Additional Participants

Other Collaborators or Contacts

S. Takeda, University of Tokyo
A. Tsuda, University of Tokyo
H. Saito, University of Hokkaido

Project Period

August 15, 2003-July 31, 2005

Level of Access

Open-Access Report

Grant Number


Submission Date



This award supports a short-term U.S-Japan-Hong Kong Planning Visit in preparation for a long-term collaborative research project studying Fe effects on ecosystem structure in the Sub arctic Pacific. The collaborators are Professor Mark Wells at the University of Maine and Professor Shigenobu Takeda at the University of Tokyo in Japan and Professor Paul Harrison at the Hong Kong University of Science and Technology. Virtually the entire Sub arctic Pacific to the Aleutian Islands is a High Nitrate Low Chlorophyll (HNLC) region, characterized by persistently elevated concentrations of macronutrients throughout the year. Independent studies have demonstrated that a shortage of the micronutrient iron is responsible for this condition. This finding is important because by controlling the export of carbon from surface waters, iron may influence atmospheric carbon dioxide concentrations and thus global climate. The researchers hope to plan a series of measurements that would be extremely important for understanding the longer term and broader effect of the iron enrichment. The measurements may also answer questions associated with the long-term response of the plankton community, changes in the iron chemistry and the fate of the carbon produced by the Fe enrichment.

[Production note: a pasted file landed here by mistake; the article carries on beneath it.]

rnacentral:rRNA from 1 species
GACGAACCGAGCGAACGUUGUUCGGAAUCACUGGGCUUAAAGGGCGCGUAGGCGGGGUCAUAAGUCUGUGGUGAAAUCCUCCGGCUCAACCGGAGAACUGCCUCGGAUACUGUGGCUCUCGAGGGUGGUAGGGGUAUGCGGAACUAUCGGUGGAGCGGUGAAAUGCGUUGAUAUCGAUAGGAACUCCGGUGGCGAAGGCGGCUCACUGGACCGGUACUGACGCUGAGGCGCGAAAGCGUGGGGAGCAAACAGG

The collaborators have complementary scientific expertise in the field. Understanding the effects of iron inputs (natural or globally engineered) on ecosystem structure and carbon export in these waters is essential to obtain a predictive understanding of how changes in iron inputs may affect global climate. The exchange of ideas and data with Japanese and Hong Kong experts in the field will enable U.S. participants to advance their own work, and will set the stage for future international collaborative projects.

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